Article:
On Thanksgiving morning 2007, as I was applying lotion following a shower and prior to a house full of guests arriving, I found a lump in my right breast. Being a holiday weekend meant waiting until Monday to see my doctor. It was a whirlwind that next week seeing my primary physician, the surgeon, the oncologists, having additional tests, etc. Within two weeks I had opted to undergo bilateral mastectomies. I had cancer involvement in the sentinel node only, and opted for aggressive treatment and am most grateful for the compassionate care I received at Rex Cancer Center in Raleigh.
I work for the United Methodist Conference and am convinced that the prayers of 700 congregations, family and friends made this journey with cancer so much easier than it might have been. Following surgery, I had six sessions of chemo and a year of Herceptin treatment, finishing the end of January 2009. Would I have chosen this journey - of course not, but it does not mean a death sentence, nor does it have to take our quality of life or our womanhood. Did I lose my hair - yes - and it grew back gray! Did I have a few days during treatment when I was not feeling terrific - yes, but not many!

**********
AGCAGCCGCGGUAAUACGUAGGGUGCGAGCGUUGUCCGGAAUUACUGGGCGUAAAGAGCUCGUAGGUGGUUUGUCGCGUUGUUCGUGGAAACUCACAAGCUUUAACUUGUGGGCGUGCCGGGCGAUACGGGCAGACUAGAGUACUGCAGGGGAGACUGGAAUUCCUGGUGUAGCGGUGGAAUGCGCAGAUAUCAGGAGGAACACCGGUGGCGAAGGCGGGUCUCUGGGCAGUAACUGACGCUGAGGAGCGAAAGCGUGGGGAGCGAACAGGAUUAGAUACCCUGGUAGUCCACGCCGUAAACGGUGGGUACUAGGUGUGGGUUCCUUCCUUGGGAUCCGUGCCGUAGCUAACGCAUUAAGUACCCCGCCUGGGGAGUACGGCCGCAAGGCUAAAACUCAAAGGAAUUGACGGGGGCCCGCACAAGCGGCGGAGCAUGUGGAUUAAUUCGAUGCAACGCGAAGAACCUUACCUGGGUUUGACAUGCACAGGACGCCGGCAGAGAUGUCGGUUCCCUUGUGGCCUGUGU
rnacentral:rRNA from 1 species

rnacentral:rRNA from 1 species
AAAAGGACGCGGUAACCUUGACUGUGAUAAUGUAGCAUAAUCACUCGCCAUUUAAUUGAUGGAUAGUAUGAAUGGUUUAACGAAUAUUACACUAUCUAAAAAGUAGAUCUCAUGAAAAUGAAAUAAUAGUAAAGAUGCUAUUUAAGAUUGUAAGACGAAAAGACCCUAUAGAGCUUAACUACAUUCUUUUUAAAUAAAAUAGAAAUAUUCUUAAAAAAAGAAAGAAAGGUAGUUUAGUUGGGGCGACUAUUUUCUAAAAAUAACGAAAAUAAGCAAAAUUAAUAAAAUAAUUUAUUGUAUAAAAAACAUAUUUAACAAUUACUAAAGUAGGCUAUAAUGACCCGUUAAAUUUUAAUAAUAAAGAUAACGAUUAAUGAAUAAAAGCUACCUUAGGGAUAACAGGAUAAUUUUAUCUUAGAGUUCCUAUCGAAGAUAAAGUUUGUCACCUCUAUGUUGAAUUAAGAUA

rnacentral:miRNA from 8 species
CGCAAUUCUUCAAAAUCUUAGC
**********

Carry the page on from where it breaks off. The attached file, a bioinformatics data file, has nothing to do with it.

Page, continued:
I encourage everyone to click on the breast cancer site daily to help those who are under-insuranced or not insured receive regular mammograms. I was not well informed and did not have mammograms because there was no family history of breast cancer - not knowing that my age (60) and weight were creating significant risks for breast cancer. I encourage all women to continue regular personal manual checks, have your doctor check you yearly and get your mammongrams! And click, click, click on the website!